It’s still too early to make a clear judgment on Danny Ainge’s offseason acquisitions. Delonte West has barely given us a glimpse of what he might bring to this team and Jermaine O’Neal has missed most of the year. More importantly, this team was built for the playoffs and its mettle will only truly be tested after the spring thaw.
But coming into tonight’s matchup with the Sixers, the Celtics are 22-4 and they wouldn’t be nearly that strong had the Celtics’ brass not spent the offseason retaining its own free agents (both starters and reserves) while loading up on bigs. Boston has benefited from Glen Davis’ strong start, surprisingly effective minutes from Shaquille O’Neal and Rajon Rondo’s assist-party, but if last year’s Celtics team had suffered the kind of injuries that have felled this year’s team, it’s distinctly possible they’d have been .500 at Christmas and blown-up at the all-star break.
But in 2010-11, despite no Kendrick Perkins, a batch of missed games by Shaq, near season-long absences from West and J.O., and an increasingly worrying number of DNPs for Rondo – the Celtics are the class of the league.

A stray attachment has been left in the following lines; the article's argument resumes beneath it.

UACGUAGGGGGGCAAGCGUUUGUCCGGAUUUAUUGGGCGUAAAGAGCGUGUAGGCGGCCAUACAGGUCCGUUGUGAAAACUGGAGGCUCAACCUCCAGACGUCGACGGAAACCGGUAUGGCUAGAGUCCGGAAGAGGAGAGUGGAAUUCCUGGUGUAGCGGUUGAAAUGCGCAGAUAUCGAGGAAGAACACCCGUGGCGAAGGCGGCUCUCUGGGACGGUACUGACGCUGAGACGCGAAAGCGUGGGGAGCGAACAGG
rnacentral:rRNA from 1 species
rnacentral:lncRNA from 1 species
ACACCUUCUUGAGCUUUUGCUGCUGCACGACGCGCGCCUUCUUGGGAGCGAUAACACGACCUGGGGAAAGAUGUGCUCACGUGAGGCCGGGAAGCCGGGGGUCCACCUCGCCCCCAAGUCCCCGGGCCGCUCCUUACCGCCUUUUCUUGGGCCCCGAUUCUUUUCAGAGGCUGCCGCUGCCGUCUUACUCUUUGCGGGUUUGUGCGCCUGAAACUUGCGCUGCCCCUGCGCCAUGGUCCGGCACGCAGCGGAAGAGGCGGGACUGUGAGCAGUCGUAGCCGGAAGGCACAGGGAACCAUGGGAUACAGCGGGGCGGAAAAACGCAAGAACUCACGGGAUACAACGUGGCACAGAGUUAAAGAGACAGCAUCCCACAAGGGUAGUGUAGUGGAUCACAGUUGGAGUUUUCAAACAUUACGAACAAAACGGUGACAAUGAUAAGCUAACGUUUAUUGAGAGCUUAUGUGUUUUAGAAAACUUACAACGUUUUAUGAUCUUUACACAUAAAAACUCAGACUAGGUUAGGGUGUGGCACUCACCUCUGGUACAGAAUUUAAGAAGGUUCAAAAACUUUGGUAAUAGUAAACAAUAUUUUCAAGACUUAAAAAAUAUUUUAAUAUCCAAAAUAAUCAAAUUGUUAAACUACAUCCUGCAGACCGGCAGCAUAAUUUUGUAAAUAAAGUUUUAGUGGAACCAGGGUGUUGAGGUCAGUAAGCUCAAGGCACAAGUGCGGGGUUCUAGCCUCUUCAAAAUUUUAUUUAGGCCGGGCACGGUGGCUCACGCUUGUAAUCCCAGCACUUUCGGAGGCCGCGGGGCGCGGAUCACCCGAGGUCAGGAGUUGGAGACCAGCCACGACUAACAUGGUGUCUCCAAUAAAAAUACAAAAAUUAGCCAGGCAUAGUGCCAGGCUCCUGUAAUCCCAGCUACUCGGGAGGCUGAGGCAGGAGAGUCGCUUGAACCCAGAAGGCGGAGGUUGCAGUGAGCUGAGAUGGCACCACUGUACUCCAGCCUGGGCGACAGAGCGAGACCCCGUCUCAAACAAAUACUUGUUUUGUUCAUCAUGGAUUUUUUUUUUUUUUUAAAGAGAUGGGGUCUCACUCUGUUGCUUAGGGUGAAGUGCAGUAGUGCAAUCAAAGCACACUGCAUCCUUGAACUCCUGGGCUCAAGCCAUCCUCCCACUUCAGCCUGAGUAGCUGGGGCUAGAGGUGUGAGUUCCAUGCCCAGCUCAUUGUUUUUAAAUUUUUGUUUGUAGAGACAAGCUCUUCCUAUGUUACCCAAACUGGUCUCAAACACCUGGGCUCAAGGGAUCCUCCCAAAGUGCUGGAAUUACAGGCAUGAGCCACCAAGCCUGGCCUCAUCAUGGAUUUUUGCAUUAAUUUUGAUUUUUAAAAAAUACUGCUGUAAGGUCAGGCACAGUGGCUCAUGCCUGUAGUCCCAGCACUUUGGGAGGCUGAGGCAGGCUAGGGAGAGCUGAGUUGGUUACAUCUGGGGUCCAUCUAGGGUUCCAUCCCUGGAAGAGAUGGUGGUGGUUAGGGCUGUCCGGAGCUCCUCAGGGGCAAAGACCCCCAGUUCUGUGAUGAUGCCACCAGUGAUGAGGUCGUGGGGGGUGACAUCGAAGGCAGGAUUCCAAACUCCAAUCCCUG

The success so far this season stands in stark contrast to last year’s Celtics squad, which featured the infamously lazy Rasheed Wallace phoning in the first 82 games as a core rotation piece, and an overall lack of depth behind the starters (to be fair, re-upping Rondo at the beginning of last season was a masterstroke).
Despite all this depth across the C’s roster, Ainge has retained Boston’s cap flexibility, keeping them in the running for key 2012 trades and free agents, and positioning them well for any harsh vagaries in the coming CBA.
Just look south to Orlando to see an alternative approach. Otis Smith has locked the Magic into a not-so-frightening core of Dwight Howard, Gilbert Arenas (over $22M in 2013-14) and Hedo Turkoglu (almost $12M in 2012-13, an unguaranteed $12M the year after). Not only that, Smith has multi-year money committed to a number of role players, further limiting his flexibility.
We’ll revisit this more comprehensively as the season progresses but save for lingering concerns about J.O. proving a waste of the mid-level exception, the overall assessment on Ainge’s offseason has to be overwhelmingly positive right now.